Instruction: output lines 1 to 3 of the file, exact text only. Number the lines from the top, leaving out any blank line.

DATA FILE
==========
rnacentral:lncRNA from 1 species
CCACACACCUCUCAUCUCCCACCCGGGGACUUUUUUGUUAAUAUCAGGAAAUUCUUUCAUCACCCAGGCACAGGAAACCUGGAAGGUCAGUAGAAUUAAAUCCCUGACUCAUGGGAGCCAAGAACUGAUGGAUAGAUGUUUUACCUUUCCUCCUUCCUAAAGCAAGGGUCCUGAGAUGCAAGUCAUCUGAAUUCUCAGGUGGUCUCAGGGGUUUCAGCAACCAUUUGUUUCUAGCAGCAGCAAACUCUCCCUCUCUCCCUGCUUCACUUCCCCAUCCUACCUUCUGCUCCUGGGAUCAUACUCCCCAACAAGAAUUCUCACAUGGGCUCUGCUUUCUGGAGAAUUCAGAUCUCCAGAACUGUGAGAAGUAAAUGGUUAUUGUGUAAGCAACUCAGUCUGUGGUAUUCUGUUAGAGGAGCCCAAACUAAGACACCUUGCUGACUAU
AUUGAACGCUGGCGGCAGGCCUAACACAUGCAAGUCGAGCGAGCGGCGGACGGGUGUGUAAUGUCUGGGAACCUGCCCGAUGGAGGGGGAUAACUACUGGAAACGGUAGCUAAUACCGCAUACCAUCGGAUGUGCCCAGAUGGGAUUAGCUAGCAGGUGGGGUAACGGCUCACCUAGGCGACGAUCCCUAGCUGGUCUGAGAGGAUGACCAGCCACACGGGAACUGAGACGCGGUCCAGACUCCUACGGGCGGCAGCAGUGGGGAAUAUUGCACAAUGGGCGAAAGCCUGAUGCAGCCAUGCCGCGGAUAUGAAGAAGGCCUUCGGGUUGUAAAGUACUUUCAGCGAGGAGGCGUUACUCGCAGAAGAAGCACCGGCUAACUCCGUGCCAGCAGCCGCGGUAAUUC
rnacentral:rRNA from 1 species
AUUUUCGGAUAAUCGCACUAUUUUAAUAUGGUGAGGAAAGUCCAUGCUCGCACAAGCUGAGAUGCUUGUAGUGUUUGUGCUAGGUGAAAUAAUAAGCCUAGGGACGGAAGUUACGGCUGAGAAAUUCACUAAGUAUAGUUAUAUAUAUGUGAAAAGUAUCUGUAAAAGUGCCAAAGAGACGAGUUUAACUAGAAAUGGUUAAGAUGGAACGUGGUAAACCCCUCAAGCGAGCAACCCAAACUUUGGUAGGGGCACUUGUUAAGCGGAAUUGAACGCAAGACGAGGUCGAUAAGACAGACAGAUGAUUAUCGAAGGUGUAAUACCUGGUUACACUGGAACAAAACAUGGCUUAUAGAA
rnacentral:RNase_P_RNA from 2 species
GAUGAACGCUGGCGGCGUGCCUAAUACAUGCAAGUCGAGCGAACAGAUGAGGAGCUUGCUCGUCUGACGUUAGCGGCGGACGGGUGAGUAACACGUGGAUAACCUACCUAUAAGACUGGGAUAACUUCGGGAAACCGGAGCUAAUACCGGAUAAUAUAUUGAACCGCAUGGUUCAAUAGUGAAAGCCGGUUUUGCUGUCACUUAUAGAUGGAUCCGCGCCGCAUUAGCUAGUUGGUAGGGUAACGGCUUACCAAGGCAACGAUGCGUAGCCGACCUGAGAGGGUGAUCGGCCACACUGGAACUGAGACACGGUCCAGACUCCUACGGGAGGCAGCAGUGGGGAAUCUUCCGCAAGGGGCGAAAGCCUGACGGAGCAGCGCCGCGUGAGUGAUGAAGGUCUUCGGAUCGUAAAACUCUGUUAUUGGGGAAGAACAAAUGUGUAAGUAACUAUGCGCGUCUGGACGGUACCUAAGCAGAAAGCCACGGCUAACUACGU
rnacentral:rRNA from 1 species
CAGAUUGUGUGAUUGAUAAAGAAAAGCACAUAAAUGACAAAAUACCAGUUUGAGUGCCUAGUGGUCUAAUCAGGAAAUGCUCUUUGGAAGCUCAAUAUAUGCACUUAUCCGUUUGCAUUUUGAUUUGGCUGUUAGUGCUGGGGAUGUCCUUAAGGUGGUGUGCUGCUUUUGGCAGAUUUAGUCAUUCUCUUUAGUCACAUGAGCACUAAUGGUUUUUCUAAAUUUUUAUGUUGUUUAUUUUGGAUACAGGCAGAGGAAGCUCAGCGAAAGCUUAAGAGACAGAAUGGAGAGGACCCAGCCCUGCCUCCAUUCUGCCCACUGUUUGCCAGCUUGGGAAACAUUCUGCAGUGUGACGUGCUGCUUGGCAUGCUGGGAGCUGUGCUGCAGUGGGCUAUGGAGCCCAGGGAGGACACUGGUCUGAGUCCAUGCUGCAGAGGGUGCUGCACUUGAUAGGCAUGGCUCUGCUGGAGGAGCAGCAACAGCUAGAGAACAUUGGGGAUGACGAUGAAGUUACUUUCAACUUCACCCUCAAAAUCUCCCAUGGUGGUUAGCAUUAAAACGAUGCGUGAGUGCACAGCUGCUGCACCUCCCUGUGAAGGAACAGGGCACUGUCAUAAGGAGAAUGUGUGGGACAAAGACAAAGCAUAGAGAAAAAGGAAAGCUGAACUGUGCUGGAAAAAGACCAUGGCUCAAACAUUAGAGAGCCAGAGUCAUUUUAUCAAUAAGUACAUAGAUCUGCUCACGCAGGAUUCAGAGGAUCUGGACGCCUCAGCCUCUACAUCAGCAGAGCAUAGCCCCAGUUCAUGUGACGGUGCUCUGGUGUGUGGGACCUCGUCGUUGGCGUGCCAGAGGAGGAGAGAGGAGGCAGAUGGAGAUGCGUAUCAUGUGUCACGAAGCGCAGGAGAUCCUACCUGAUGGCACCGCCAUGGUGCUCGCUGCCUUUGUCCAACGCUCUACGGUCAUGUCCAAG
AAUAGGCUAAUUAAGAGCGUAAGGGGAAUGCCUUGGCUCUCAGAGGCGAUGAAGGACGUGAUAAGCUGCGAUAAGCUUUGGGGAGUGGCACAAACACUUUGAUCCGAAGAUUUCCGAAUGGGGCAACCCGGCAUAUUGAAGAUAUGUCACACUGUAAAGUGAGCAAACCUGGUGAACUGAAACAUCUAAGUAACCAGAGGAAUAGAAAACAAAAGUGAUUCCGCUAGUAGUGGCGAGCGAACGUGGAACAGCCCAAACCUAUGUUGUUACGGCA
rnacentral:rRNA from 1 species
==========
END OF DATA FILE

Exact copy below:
rnacentral:lncRNA from 1 species
CCACACACCUCUCAUCUCCCACCCGGGGACUUUUUUGUUAAUAUCAGGAAAUUCUUUCAUCACCCAGGCACAGGAAACCUGGAAGGUCAGUAGAAUUAAAUCCCUGACUCAUGGGAGCCAAGAACUGAUGGAUAGAUGUUUUACCUUUCCUCCUUCCUAAAGCAAGGGUCCUGAGAUGCAAGUCAUCUGAAUUCUCAGGUGGUCUCAGGGGUUUCAGCAACCAUUUGUUUCUAGCAGCAGCAAACUCUCCCUCUCUCCCUGCUUCACUUCCCCAUCCUACCUUCUGCUCCUGGGAUCAUACUCCCCAACAAGAAUUCUCACAUGGGCUCUGCUUUCUGGAGAAUUCAGAUCUCCAGAACUGUGAGAAGUAAAUGGUUAUUGUGUAAGCAACUCAGUCUGUGGUAUUCUGUUAGAGGAGCCCAAACUAAGACACCUUGCUGACUAU
AUUGAACGCUGGCGGCAGGCCUAACACAUGCAAGUCGAGCGAGCGGCGGACGGGUGUGUAAUGUCUGGGAACCUGCCCGAUGGAGGGGGAUAACUACUGGAAACGGUAGCUAAUACCGCAUACCAUCGGAUGUGCCCAGAUGGGAUUAGCUAGCAGGUGGGGUAACGGCUCACCUAGGCGACGAUCCCUAGCUGGUCUGAGAGGAUGACCAGCCACACGGGAACUGAGACGCGGUCCAGACUCCUACGGGCGGCAGCAGUGGGGAAUAUUGCACAAUGGGCGAAAGCCUGAUGCAGCCAUGCCGCGGAUAUGAAGAAGGCCUUCGGGUUGUAAAGUACUUUCAGCGAGGAGGCGUUACUCGCAGAAGAAGCACCGGCUAACUCCGUGCCAGCAGCCGCGGUAAUUC